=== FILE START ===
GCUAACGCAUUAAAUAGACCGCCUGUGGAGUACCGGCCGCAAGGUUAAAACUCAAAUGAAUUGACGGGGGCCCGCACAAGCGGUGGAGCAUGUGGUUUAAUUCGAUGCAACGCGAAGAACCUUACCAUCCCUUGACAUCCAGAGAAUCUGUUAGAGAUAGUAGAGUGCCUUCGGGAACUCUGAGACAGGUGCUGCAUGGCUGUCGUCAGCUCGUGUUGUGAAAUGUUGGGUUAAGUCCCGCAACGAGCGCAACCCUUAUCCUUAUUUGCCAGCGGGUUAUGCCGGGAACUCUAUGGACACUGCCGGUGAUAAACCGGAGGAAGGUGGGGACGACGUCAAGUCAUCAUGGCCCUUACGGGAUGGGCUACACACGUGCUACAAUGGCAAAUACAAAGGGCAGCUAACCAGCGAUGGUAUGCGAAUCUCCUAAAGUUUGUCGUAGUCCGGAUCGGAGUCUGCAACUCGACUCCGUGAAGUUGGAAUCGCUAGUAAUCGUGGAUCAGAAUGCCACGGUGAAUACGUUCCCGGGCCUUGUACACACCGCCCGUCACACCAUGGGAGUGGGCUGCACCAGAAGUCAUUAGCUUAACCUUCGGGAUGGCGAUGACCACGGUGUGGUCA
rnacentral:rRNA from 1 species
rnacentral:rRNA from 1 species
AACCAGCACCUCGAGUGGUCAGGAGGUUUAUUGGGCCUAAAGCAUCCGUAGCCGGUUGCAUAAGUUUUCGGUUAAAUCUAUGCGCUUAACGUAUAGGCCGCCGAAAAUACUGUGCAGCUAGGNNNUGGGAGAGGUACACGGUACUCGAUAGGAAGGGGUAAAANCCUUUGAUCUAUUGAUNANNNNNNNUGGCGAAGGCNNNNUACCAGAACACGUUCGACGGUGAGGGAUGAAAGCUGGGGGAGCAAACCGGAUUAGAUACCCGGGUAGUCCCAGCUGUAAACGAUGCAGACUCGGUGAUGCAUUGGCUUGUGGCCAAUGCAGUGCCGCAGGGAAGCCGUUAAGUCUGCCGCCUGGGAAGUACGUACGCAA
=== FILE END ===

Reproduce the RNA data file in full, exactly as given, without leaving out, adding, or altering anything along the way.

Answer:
GCUAACGCAUUAAAUAGACCGCCUGUGGAGUACCGGCCGCAAGGUUAAAACUCAAAUGAAUUGACGGGGGCCCGCACAAGCGGUGGAGCAUGUGGUUUAAUUCGAUGCAACGCGAAGAACCUUACCAUCCCUUGACAUCCAGAGAAUCUGUUAGAGAUAGUAGAGUGCCUUCGGGAACUCUGAGACAGGUGCUGCAUGGCUGUCGUCAGCUCGUGUUGUGAAAUGUUGGGUUAAGUCCCGCAACGAGCGCAACCCUUAUCCUUAUUUGCCAGCGGGUUAUGCCGGGAACUCUAUGGACACUGCCGGUGAUAAACCGGAGGAAGGUGGGGACGACGUCAAGUCAUCAUGGCCCUUACGGGAUGGGCUACACACGUGCUACAAUGGCAAAUACAAAGGGCAGCUAACCAGCGAUGGUAUGCGAAUCUCCUAAAGUUUGUCGUAGUCCGGAUCGGAGUCUGCAACUCGACUCCGUGAAGUUGGAAUCGCUAGUAAUCGUGGAUCAGAAUGCCACGGUGAAUACGUUCCCGGGCCUUGUACACACCGCCCGUCACACCAUGGGAGUGGGCUGCACCAGAAGUCAUUAGCUUAACCUUCGGGAUGGCGAUGACCACGGUGUGGUCA
rnacentral:rRNA from 1 species
rnacentral:rRNA from 1 species
AACCAGCACCUCGAGUGGUCAGGAGGUUUAUUGGGCCUAAAGCAUCCGUAGCCGGUUGCAUAAGUUUUCGGUUAAAUCUAUGCGCUUAACGUAUAGGCCGCCGAAAAUACUGUGCAGCUAGGNNNUGGGAGAGGUACACGGUACUCGAUAGGAAGGGGUAAAANCCUUUGAUCUAUUGAUNANNNNNNNUGGCGAAGGCNNNNUACCAGAACACGUUCGACGGUGAGGGAUGAAAGCUGGGGGAGCAAACCGGAUUAGAUACCCGGGUAGUCCCAGCUGUAAACGAUGCAGACUCGGUGAUGCAUUGGCUUGUGGCCAAUGCAGUGCCGCAGGGAAGCCGUUAAGUCUGCCGCCUGGGAAGUACGUACGCAA